This guideline covers road speed limits, 20mph zones and engineering measures to reduce speed or make routes safer.
NICE has also published: unintentional injuries: prevention strategies for under 15s and unintentional injuries in the home: interventions for under 15s (The former covers strategies for the home, on the road and outdoors.)
This guideline includes recommendations on:
- health advocacy and engagement, including giving a public health professional responsibility for injury prevention
- how health professionals and local highways authorities can coordinate needs assessment and planning work to make the road environment safer
- measures to reduce speed
- making popular routes used by children and young people safer
Who is it for?
- Local highway authorities and local strategic partnerships
- Directors of public health and health professionals
- School travel planners
- Children, young people, their parents and carers and other members of the public
Is this guideline up to date?
We checked this guideline in June 2014, and it is still current.
Guideline development process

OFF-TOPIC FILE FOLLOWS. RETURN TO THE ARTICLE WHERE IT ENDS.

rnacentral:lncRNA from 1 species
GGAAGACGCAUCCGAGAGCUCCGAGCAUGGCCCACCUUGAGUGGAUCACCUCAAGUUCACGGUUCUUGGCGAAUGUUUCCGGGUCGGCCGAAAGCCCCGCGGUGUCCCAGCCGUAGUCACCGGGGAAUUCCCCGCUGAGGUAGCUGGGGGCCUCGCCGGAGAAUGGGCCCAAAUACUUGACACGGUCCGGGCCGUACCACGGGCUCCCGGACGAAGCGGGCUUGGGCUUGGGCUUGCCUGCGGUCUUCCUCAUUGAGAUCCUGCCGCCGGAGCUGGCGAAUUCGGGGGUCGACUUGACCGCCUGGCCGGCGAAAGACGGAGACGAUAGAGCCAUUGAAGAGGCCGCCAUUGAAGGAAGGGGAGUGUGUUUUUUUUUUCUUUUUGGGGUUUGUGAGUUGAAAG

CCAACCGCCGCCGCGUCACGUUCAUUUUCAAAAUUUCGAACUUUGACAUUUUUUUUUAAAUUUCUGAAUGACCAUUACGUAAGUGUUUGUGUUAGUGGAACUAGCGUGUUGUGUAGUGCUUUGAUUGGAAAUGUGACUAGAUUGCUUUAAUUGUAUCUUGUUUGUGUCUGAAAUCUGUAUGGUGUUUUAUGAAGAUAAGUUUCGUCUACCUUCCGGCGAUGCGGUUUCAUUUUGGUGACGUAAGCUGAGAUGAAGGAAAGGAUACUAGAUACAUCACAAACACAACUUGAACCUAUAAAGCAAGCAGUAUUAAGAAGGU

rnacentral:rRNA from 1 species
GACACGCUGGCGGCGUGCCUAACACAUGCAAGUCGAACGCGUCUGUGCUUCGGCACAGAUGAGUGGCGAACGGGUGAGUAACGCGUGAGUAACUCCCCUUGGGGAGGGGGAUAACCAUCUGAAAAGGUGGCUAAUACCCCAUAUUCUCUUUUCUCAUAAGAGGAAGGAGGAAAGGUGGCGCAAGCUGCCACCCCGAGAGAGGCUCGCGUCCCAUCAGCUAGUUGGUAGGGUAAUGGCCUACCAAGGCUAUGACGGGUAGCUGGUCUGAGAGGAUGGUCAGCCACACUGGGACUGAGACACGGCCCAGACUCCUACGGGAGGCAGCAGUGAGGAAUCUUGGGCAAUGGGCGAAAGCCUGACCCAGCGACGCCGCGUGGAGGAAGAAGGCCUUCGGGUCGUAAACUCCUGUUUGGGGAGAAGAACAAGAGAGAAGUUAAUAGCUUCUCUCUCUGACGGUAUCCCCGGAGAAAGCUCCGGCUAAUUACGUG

The recommendations in this guideline represent the view of NICE, arrived at after careful consideration of the evidence available. When exercising their judgement, professionals and practitioners are expected to take this guideline fully into account, alongside the individual needs, preferences and values of their patients or the people using their service. It is not mandatory to apply the recommendations, and the guideline does not override the responsibility to make decisions appropriate to the circumstances of the individual, in consultation with them and their families and carers or guardian.
All problems (adverse events) related to a medicine or medical device used for treatment or in a procedure should be reported to the Medicines and Healthcare products Regulatory Agency using the Yellow Card Scheme.
Local commissioners and providers of healthcare have a responsibility to enable the guideline to be applied when individual professionals and people using services wish to use it. They should do so in the context of local and national priorities for funding and developing services, and in light of their duties to have due regard to the need to eliminate unlawful discrimination, to advance equality of opportunity and to reduce health inequalities. Nothing in this guideline should be interpreted in a way that would be inconsistent with complying with those duties.
Commissioners and providers have a responsibility to promote an environmentally sustainable health and care system and should assess and reduce the environmental impact of implementing NICE recommendations wherever possible.